Cumberbund or cummerbund?
Doesn’t matter, as long as you know how to wear one. And if you don’t know how to wear one, here’s your ultimate guide as to how.
If you haven’t heard of a cummerbund before, then you might’ve heard of a crumb catcher, which is the same thing. And if you haven’t heard of either, then you’ve definitely seen one in the James Bond movies. But you might be wondering, what is a cummerbund?
A cummerbund is a sash that goes around the waist, usually worn with a tuxedo to black tie events. Keep reading to find out more about where they come from, why you should wear one, and most importantly, how to style one.
Where The Cummerbund Came From
Let’s keep it brief here. Just a brief history lesson for those that fancy it, and then we’ll get straight to how you personally should wear a cummerbund.
Cummerbunds were originally worn in India in the 1850s, where the British military worked. They were worn for dining wear, which wasn’t necessarily always the same formal wear. The British military would normally wear waistcoats underneath their jackets, but found that those were too hot for the humid weather in India, and so they needed to come up with something cooler to wear to said dining events. That’s when they opted for the cummerbund; a sash around their waist that half-covered their trousers (and belt), and half-covered their shirt.
Over time, wearing a cummerbund has become one of the stand-out pieces of formal wear, especially the tux cummerbund, which came about in New York. Of course, other pieces became a staple to pair with a tuxedo to really get the black tie event look, such as the black bow tie and black waistcoat.
This is how the new black tie dress code emerged, with inspiration taken from the British cummerbunds. It has brought us to the tuxedo look as we know it today, which has been the go-to look for formal wear ever since.
And by the way, if you’ve been thinking ‘isn’t the correct way of spelling it ‘cumberbund’?’ then you’d be valid in every way for thinking that. Truth is, the spelling ‘cumberbund’ only came about because of the misspelling and mispronunciation of the word, which has led it to come up in certain dictionaries spelt that way. But the original way of spelling it is, in fact, cummerbund.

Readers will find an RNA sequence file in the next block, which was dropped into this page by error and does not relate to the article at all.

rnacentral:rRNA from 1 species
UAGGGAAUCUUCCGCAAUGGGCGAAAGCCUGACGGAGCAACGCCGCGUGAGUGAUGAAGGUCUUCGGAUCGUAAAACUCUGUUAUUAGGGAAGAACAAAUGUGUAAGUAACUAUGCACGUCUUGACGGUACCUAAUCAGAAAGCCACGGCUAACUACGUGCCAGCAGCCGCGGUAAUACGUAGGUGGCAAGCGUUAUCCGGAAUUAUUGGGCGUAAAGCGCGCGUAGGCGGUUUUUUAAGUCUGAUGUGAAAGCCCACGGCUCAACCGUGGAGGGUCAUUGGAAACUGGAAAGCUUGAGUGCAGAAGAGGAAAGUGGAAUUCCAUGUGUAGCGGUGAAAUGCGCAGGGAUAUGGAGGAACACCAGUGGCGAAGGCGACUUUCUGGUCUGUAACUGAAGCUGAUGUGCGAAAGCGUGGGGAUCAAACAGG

Why Wear A Cummerbund?
Of course there are a number of reasons why you should wear a cummerbund. Wearing a cummerbund is a timeless part of a tuxedo, their main purpose being to cover the waist. One of the main rules you should know about when it comes to wearing a cummerbund is that all parts of your suit trousers and dress shirt buttons should be covered to make the waist look seamless, which is exactly what a cummerbund does. If you plan on wearing a belt to your next black tie event, your cummerbund should cover that, too.
And if you really want to go all out with your black bow attire, wear buttons out of satin, perhaps make your dress shirt have cufflinks instead of normal dress shirt buttons to match the satin seam on the outside of your suit trousers.
How To Wear A Cummerbund
Don’t risk embarrassing yourself by wearing your cummerbund the wrong way round to your next formal event. Read this to avoid silly mistakes, as there is actually a correct way to wear cummerbunds.
Step one is to make sure you wear your cummerbund with the folds facing upwards. This is where the nickname ‘crumb catcher’ came from; the folds served as the perfect napkin for crumbs and saved the rest of your (probably) expensive suit from getting stains.